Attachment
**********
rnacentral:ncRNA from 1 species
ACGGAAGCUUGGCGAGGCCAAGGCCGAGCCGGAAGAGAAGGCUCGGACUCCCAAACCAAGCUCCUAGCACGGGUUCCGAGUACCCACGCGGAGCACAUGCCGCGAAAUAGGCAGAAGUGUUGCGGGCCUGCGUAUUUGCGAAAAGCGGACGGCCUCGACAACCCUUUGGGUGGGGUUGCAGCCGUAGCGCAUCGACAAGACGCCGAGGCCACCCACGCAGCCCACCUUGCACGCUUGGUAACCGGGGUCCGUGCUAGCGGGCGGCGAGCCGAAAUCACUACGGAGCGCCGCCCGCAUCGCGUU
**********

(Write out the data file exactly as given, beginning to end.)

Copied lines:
rnacentral:ncRNA from 1 species
ACGGAAGCUUGGCGAGGCCAAGGCCGAGCCGGAAGAGAAGGCUCGGACUCCCAAACCAAGCUCCUAGCACGGGUUCCGAGUACCCACGCGGAGCACAUGCCGCGAAAUAGGCAGAAGUGUUGCGGGCCUGCGUAUUUGCGAAAAGCGGACGGCCUCGACAACCCUUUGGGUGGGGUUGCAGCCGUAGCGCAUCGACAAGACGCCGAGGCCACCCACGCAGCCCACCUUGCACGCUUGGUAACCGGGGUCCGUGCUAGCGGGCGGCGAGCCGAAAUCACUACGGAGCGCCGCCCGCAUCGCGUU